The Confessions of Nat Turner
Local Southampton attorney Thomas Ruffin Gray asked for and was granted permission to interview Nat Turner while he awaited trial in the Southampton courthouse. Gray opens his prefatory remarks with the observation that the Turner rebellion has “greatly excited the public mind,” and by interviewing Turner, he hopes to correct these misimpressions. “Every thing connected with this sad affair was wrapt in mystery,” writes Gray, and historians have debated how successful Gray was in unwrapping this mystery (see Allmendinger, Breen, and Tomlins for opposing views). Despite Gray’s considerable efforts throughout Confessions to show its veracity, many have debated how “faithful” this confession was: did Turner actually use these words? And if so, how free was he to speak? Gray first went to Richmond to print the pamphlet, but having no luck, he then went to Washington, D.C., to secure the copyright. Kenneth Greenberg reports that the edition of fifty thousand copies, priced at 25 cents each, was published in Baltimore on November 22, 1831 (1996; 8).
The Authentic and Impartial Narrative had already been published when Confessions came out, but Gray had been an eyewitness to some of the events and to the subsequent trial. Gray had been part of the militia that organized the first morning of the rebellion, and he served as counsel for four defendants’ trials prior to Turner’s. Gray depicts Turner as a religious leader who at a young age was touched by divine greatness, and whose mother concluded that “surely” he would “be a prophet.” According to Confessions, a divine spirit also dictated Turner’s otherwise unexplainable return after running away in 1825. Turner’s religiosity is not dismissed as a ruse: “He is a complete fanatic, or plays his part most admirably.” Turner’s youth was also marked by an intelligence that sets him apart from others, and in this sense, Gray portrays him as a victim. Slavery had “warped and perverted” his mind, Gray writes.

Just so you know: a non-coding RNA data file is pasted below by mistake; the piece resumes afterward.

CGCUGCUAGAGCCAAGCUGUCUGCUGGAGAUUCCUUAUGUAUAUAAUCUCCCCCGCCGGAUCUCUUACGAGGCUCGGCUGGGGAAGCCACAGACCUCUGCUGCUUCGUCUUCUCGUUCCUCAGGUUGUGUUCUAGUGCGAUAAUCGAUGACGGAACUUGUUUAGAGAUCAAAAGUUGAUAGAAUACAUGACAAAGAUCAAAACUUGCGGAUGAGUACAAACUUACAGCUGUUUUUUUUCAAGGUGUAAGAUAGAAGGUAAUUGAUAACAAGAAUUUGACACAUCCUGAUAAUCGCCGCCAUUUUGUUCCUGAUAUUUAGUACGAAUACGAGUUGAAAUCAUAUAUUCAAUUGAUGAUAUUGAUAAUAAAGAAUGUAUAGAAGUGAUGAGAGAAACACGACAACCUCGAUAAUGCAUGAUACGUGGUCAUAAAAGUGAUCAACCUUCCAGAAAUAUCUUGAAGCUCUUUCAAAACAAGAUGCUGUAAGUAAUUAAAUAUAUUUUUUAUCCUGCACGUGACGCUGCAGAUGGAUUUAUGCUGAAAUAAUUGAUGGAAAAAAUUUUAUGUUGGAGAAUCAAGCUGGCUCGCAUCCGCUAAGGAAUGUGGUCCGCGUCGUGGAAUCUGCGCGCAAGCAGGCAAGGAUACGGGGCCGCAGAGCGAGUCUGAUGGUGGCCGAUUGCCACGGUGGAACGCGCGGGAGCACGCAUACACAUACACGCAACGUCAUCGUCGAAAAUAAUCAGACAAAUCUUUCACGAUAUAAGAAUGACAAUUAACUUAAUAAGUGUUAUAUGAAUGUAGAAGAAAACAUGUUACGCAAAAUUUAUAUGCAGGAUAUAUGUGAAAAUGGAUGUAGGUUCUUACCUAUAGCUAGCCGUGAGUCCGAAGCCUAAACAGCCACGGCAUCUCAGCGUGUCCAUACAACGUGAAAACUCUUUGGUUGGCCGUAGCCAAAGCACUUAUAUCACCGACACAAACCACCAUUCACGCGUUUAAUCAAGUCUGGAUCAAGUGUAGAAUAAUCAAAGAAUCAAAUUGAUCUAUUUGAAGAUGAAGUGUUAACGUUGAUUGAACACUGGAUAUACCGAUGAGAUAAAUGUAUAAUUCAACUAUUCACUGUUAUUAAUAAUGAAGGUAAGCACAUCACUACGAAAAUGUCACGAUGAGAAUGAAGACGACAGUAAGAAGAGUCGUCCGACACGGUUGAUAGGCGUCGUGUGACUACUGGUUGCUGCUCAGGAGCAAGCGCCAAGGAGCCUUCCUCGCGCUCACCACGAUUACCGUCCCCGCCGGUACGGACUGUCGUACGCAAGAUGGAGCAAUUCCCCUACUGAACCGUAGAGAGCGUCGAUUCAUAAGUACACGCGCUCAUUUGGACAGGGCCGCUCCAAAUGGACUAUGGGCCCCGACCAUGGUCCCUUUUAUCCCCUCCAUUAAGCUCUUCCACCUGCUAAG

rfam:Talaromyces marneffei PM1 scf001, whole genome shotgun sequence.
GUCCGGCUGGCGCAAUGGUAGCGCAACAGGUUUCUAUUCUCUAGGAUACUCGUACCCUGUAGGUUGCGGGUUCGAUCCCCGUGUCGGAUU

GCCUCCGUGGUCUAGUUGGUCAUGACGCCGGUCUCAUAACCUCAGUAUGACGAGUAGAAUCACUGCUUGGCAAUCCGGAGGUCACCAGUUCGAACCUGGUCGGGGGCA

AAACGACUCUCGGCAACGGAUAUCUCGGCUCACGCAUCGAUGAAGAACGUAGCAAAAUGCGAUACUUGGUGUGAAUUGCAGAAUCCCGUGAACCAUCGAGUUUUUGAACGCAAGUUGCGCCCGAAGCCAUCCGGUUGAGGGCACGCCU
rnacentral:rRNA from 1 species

Unlike the Authentic and Impartial Narrative, Gray promises restraint as he “will not shock the feelings of humanity, nor wound afresh the bosoms of the disconsolate sufferers…by detailing the deeds of their fiend-like barbarity,” and yet, Turner is still portrayed as evoking considerable fear in Gray. Gray remarks, “I looked on him and my blood curdled in my veins.” Confessions makes clear that Turner was very much the leader of the group of rebels and offers vivid details of the killings, explaining that Turner was not able to kill because his “sword was dull.” He is the one who gave orders to “halt and form” when the eighteen white men approached at Parker’s farm. Compared to the Authentic and Impartial Narrative, the tone here is calm, though the confession does not spare some details that depict Turner as a monster: “We found no more victims to satisfy our thirst for blood.”
The entire text and XML/TEI source are available at Documenting the American South.
Thomas Gray and Nat Turner, The Confessions of Nat Turner. From the collection of the American Antiquarian Society.